All effective propaganda depends then on getting these ideas away from their position " behind the eye " and putting them facing one as objects which we can then consciously accept or reject. This is extremely difficult. Fortunately, however, all ideologies are of gradual growth, and that rare type of historical intelligence which investigates and analyses their origins can help us considerably. Just as a knowledge of the colours extended and separated in the spectrum enables us to analyse the feebler colours confused together in shadows, so this type of history, by exhibit- ing certain ideas in a concreter form, existing as it were as objects in time, enables us to distinguish the same ideas, existing in us " behind the eye " and to bring them to the surface of the mind. Their hidden influence on our opinions then at once disappears, for they have lost their status as categories. This is a violent operation, and the mind is never quite the same afterwards. It has lost a certain virginity. But there are so many 01 these systems in which we unwittingly live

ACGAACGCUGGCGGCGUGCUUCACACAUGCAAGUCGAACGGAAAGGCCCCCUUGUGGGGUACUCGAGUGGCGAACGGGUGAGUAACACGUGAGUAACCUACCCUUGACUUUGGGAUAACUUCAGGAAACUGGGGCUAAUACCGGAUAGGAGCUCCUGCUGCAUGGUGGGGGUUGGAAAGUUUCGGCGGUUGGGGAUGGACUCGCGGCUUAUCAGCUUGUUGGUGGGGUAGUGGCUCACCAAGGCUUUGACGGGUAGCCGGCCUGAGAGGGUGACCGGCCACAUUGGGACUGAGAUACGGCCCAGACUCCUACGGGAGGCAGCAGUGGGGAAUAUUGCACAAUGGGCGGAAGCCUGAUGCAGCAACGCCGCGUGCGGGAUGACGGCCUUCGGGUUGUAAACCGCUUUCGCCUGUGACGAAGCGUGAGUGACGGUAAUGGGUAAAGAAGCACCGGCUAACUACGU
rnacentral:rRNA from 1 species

because of external obstacles and J«*te»{ which it should be the main business of social

politics to remove. What is at the root of the contrasted system

of ideas you find in Sorel, the c^^-.P^* mistic, or, as its opponents would have it, tfie reactionary ideology ? This system springs from the exactly contrary conception of man ; the conviction that man is by nature bad or limited,* and can consequently only accom- plish anything of value by disciplines, ethical, heroic, or political. In other words, it believes in Original Sin. We may define Romantics, then, as all who do not believe in the Fall of Man. It is this opposition which in reality lies at the root of most of the other divisions in social and political thought. f

  • This is by no means identical with materialism ; rather It If

characteristic of the religious attitude— of Pascal's P*ntf*t. Romanticism confuses both human and divine things by not clearly separating them. The main thing with which tt can be reproached is that it blurs the clear outlines of human relation*— whether in political thought or in the treatment of sex in litera- ture, by introducing into them the Perfection that properly belongs only to the non-human.